In Sagrada, you can’t have two dice with the same number or color adjacent to one another. Easy to remember, right? While this creates a very real struggle that informs your decisions throughout the game, it’s not gimmicky and you’re not likely to forget it. This is an underrated strength of Sagrada. There are a number of ways this could have been implemented poorly. Take note, aspiring game designers!

4. Make passing a rarity.

The restrictions above will every once in a while cause you to cede your turn entirely. This is arguably one of the worst feelings that a game can give you. Losing your turn, or having to cede your turn because you can make no legal moves, generally feels awful. Yet this becomes a very real risk when you have easy-to-remember restrictions that apply to a lot of situations.

Sagrada has an easy way around this that greatly minimizes the amount of turns that you will have to pass. It comes from tool cards which allow you to take certain actions after you place favor tokens on them. Most of the time, you’re better off simply placing a die on your board and holding on to your favor tokens until the end of the game for extra victory points. However, when you’re truly stuck, the tool cards let you continue to influence the game in interesting and engaging ways. I like that aspect of Sagrada a lot.

If you truly must create a game where passing is an occasional necessity, it may be worth adding an extra mechanic that allows players to continue to take actions. Typically, you want to implement the fewest mechanics possible to decrease rule overhead. However, allowing players to continue to play and stay engaged is a good reason to make an exception to this heuristic. Learn from Sagrada in this sense.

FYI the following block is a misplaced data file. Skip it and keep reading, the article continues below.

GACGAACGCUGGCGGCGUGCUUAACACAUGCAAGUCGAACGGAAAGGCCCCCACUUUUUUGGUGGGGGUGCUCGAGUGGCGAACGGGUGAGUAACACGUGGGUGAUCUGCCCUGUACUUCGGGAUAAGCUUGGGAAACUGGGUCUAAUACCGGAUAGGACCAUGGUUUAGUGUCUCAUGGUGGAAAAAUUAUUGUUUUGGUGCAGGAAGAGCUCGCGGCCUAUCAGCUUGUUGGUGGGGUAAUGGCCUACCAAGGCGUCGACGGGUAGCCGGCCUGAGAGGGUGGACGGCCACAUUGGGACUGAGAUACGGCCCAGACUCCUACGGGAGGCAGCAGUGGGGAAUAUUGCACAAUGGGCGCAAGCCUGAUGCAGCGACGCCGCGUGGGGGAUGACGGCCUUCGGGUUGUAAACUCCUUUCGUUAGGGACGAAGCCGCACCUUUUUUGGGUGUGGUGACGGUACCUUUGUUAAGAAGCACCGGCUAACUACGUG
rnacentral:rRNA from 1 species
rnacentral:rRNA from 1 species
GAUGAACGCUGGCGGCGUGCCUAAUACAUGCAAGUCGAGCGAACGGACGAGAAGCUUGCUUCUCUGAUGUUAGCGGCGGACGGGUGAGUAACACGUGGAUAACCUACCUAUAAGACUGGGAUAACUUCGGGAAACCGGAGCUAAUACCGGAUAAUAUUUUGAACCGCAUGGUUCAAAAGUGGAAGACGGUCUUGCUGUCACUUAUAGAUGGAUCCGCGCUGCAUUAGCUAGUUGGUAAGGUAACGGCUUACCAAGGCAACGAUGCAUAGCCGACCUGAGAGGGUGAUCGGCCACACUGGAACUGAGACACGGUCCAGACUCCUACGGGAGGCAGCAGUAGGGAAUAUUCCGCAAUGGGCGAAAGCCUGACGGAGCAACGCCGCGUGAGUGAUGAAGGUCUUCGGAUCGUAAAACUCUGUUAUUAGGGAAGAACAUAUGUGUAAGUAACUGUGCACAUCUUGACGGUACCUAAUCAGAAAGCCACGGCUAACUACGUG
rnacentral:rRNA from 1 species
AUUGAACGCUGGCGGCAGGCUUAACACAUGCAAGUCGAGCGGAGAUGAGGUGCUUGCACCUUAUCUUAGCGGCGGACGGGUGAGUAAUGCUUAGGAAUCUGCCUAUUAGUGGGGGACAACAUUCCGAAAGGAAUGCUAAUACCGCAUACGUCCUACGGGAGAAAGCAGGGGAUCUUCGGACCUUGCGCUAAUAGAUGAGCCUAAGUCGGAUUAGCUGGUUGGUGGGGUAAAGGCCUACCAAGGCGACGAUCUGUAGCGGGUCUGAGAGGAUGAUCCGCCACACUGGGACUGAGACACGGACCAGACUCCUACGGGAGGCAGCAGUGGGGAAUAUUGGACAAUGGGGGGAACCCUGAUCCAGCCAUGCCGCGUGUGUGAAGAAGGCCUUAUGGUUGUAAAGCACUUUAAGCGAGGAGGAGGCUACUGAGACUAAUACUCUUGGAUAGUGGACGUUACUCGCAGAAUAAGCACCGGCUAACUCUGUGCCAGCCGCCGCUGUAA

I enjoy Sagrada a lot and I find it to be an excellent example of a modern board game. In a world where Scythe and Gloomhaven remain topical for years after their initial release, Sagrada is a remarkable example of what it takes to make gateway games that stay appealing over time.

72 thoughts on “4 Lessons from Sagrada for Aspiring Board Game Designers

  1. I can see why some people claim that Azul: Stained Glass of Sintra “stole” the basic design of the game. Since we already have the original Azul, and I’ve considered buying the Stained Glass of Sintra variant, I may reconsider and buy Sagrada instead.

    Nice blog!

  2. Great points about the simple to remember rules restrictions. I find games with loads of exceptions and niche rules see less table time as I may love them but teaching them is frustrating and slows things down.

  3. I appreciate the point about chance + choice. It’s too easy to allow random actions to drive gameplay forward, when IMO a good game engine runs on interesting player choices.

    What are the key differences between Sagrada and Azul?

    1. Thank you! Randomness is good for keeping a game spicy long after the first play, but you’re right that random actions can be really dangerous when misused. Sagrada is clever to me because it *subverts* the typical problems with dice.

      At a distance, Azul and Sagrada are pretty close in spirit. There are some minor differences in scoring, placement of pieces, and how you get pieces that end up adding up to substantially different end products. In short, there are no *huge* differences, there are just a few key little ones.

  4. This is such a beautiful game. I own Azul for the goal of having a game my parents would enjoy playing with me. I always go back and forth on acquiring this one as well.

    1. For what its worth, I actually bought a copy of this for my future mother-in-law as a gift, and she really enjoyed it. It’s like $40 on Amazon last I checked, which is worth it.

  5. I picked up Sagrada early 2018 with high hopes: it looked gorgeous and it was totally out of stock, save for one copy I found in the corner of my local game store. After bringing it home and playing it with my friends, we had a fun time. It was indeed gorgeous and simple enough that my friends, who were essentially non-gamers at that point, could learn the rules.